Fewer Americans signed contracts to buy existing homes in August. After gains in home sales over the spring and summer, an industry survey surprised expectations, registering a 2.6 percent drop in pending home sales from July. This drop forecasts that final closings on existing homes will be lower heading into fall.
“The performance in month-to-month contract signings has been uneven with ongoing shortages of lower priced inventory in much of the country, and across most price ranges in the West, but activity has remained at notably higher levels this year,” wrote National Association of Realtors’ chief economist Lawrence Yun in a release.
Yun pointed out that contract signings have been up year-over-year for sixteen consecutive months, which indicates overall home sales will be higher in 2012 than 2011. The Realtors predict a 9 percent gain to 4.64 million units.
Regionally, pending home sales rose slightly in the Northeast, up 0.9 percent month-to-month, but fell 2.6 percent in the Midwest, 1.1 percent in the South, and really plummeted out West, down 7.2 percent.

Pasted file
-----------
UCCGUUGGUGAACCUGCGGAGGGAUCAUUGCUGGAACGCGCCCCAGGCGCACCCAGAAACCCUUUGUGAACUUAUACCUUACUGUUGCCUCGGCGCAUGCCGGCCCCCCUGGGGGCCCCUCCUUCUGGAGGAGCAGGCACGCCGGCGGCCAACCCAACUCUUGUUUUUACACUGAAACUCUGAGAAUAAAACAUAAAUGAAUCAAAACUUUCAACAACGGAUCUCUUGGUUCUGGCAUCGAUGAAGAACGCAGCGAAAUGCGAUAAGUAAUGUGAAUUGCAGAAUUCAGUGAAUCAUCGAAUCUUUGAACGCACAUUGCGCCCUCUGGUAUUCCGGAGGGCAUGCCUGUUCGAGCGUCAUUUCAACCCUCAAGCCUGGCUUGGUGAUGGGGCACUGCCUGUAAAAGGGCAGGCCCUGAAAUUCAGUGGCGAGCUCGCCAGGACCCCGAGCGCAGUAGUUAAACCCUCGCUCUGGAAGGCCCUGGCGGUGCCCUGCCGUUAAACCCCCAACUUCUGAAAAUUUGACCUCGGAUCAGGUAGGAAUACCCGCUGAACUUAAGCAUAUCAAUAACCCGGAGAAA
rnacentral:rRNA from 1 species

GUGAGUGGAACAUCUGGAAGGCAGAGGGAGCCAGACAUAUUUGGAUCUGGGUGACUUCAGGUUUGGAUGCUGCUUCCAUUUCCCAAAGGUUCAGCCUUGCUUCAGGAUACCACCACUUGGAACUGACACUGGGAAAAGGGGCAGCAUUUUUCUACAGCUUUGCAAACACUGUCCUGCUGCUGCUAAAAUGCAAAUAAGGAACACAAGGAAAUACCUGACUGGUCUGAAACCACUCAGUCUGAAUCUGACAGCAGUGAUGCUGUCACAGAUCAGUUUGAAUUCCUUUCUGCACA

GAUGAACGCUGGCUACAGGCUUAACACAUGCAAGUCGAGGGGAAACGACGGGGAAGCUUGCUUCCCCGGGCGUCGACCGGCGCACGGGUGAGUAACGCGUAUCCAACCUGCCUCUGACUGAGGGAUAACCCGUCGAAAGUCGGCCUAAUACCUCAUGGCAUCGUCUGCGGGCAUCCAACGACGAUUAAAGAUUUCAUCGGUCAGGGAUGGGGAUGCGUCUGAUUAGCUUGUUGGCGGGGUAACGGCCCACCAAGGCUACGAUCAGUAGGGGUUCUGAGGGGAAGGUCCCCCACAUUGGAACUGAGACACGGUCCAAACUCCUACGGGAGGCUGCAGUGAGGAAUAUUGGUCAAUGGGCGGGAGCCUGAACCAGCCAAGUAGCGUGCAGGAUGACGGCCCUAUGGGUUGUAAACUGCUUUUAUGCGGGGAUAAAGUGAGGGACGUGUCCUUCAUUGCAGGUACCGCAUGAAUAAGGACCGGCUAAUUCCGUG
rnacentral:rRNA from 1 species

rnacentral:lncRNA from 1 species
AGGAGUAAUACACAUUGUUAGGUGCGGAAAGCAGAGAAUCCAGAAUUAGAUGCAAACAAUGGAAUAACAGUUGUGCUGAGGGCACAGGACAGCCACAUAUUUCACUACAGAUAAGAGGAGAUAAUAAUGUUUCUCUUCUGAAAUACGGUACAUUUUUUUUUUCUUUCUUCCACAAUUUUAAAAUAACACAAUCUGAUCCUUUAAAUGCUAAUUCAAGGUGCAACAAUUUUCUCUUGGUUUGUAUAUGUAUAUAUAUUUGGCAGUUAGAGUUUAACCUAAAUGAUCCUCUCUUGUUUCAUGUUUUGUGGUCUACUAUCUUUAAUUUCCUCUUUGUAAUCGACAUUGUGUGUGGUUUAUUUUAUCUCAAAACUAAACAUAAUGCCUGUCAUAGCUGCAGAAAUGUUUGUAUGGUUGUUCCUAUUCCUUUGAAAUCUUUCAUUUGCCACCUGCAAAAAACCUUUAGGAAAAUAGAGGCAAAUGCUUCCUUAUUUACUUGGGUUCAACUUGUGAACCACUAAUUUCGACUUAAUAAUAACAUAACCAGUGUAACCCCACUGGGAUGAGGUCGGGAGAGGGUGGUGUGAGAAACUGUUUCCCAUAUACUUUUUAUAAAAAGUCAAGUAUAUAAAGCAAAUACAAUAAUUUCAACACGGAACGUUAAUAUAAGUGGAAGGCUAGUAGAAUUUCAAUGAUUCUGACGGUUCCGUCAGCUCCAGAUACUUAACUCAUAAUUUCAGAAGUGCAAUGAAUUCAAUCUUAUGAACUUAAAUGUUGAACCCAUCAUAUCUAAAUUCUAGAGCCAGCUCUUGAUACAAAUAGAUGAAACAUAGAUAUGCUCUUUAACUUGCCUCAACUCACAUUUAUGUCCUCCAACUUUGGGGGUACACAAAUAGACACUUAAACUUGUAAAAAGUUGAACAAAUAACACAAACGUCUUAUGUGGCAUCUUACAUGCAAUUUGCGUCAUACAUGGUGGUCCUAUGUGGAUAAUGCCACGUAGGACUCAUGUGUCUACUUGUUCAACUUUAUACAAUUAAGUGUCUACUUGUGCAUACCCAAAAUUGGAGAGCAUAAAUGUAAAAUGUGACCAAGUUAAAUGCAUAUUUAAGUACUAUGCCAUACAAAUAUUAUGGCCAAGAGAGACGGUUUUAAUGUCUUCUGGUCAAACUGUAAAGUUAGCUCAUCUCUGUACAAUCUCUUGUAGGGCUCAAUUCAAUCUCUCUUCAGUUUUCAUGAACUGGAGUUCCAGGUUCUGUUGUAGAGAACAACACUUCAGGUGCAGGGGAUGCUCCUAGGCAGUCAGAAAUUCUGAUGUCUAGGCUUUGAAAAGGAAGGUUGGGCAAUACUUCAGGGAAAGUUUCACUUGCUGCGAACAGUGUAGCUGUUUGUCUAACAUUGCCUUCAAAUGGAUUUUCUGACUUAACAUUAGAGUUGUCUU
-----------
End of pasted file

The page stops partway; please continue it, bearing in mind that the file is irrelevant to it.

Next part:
The drop in the West is largely due to a supply issue on the low end of the market. Investors have been fueling the low end with all-cash, bulk purchases of foreclosures in markets like Phoenix, Las Vegas, and parts of Southern California. Supplies of those homes have dropped dramatically, leaving little for those investors to buy.
Some housing analysts are concerned that the housing recovery so far has been driven so much by all-cash investors that as these supplies dwindle, due to continuing bank delays and more loan modifications, the overall home sales numbers will drop going into the end of the year.
New home sales for August also disappointed, coming in lower than expected. New home sales are measured by signed contracts, rather than closings.
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